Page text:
She notes that her family’s policy with Aetna was not at all atypical. “Most of the insurance companies will give you 21 to 28 days [for inpatient services],” she says. And to pay out-of-pocket for this treatment, like most families, “You don’t have savings for those kinds of things,” she says. 

Insurance picture brightening—but still hazy 

In his final months, Davis Owen was one of approximately 21.6 million Americans—8.2% of those aged 12 or older—who were classified as having a substance use disorder in 2013, according to the State Health Care Spending Project. Of those, only 4.1 million, about 18%, received any treatment, the Spending Project says.

While this gap no doubt came in part because many who are substance-addicted are in denial (40.3%, according to the 2013 National Survey on Drug Use and Health), a second leading factor (at 31.4% in the national survey) is “an inability of people with substance use disorders to afford the cost of treatment, in part because of a lack of health insurance coverage.” 

This comes from a report from the Spending Project, which believes the recent legislation—the Mental Health Parity and Addiction Equity Act of 2008 and the Patient Protection and Affordable Care Act of 2010, aka Obamacare—is likely to improve the picture.

The pathway to the juvenile justice system is often littered with substance abuse, notes Judith Glassgold, associate executive director for governmental relations for the American Psychological Association. “A lot of kids get into criminal justice problems through behavioral or emotional issues,” she says. “You need to get at the root of the problem, where you can provide services. It’s really relevant in many ways to the juvenile justice system.”

Although Davis Owen never ended up in the system, his family’s struggles and frustrations are typical of those trying to get insurance for youth who are hooked on drugs. Yet for decades, only those wealthy enough to afford residential treatment centers had access to services because neither private insurance nor Medicaid provided any, or at least sufficient, coverage. 

And despite that recent legislation, the actual delivery of behavioral health care services remains spotty.

The Mental Health Parity and Addiction Equity Act mandated that health plans that cover substance abuse do so on equal footing with other types of diseases in terms of co-pays, deductibles, treatment limitations and other factors. But the act did not require coverage of substance abuse.

The Affordable Care Act then mandated coverage of mental health and substance abuse for both Medicaid and private plans offered on the state and federal health care exchanges.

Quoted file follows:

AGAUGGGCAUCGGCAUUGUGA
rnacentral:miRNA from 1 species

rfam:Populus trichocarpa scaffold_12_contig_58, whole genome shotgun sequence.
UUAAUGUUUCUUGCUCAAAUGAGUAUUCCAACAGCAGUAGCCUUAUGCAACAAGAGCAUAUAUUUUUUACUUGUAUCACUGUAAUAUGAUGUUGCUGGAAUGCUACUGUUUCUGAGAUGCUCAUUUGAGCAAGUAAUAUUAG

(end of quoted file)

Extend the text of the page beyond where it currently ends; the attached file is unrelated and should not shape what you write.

Employer-provided plans are not required to cover substance abuse and mental health, although “most large employers will offer some sort of mental health and substance abuse services,” Glassgold notes. 

Youth and young adults can get an expanded package of benefits under Medicaid due to ACA, and also can stay on their parents’ health insurance plans until they are 26, notes Maria Schiff, director of state health care spending at Pew. Most notably, Medicaid requires “early prevention screening detection and treatment,” referred to in the field as EPSDT. 

Benefits still "a little bit futuristic"

But struggles to actually obtain services remain, say providers and advocates. “I wish there were really easy answers...” says Becky Vaughn, vice president of addictions at the National Council for Behavioral Health. “Yes, things have changed quite a bit with the Affordable Care Act. The good things are still a little bit futuristic, but we’re moving in the right direction.”

Jeff Zornitsky, director of strategic initiatives with Advocates for Human Potential, a health-care consulting firm, says remaining challenges include continuing denials of coverage and provider shortages in some areas.  

"Doughnut hole"

Even with the Affordable Care Act in place, barriers remain, Vaughn agrees. While the law might say insurance coverage must provide access to services for adolescents, in rural areas in particular such services simply do not exist within a reasonable radius. And she sees a “doughnut hole” for college-age youth who don’t have access to on-campus services because adolescent providers don’t like to take anyone age 18 or older, while adult providers often don’t take anyone under age 21.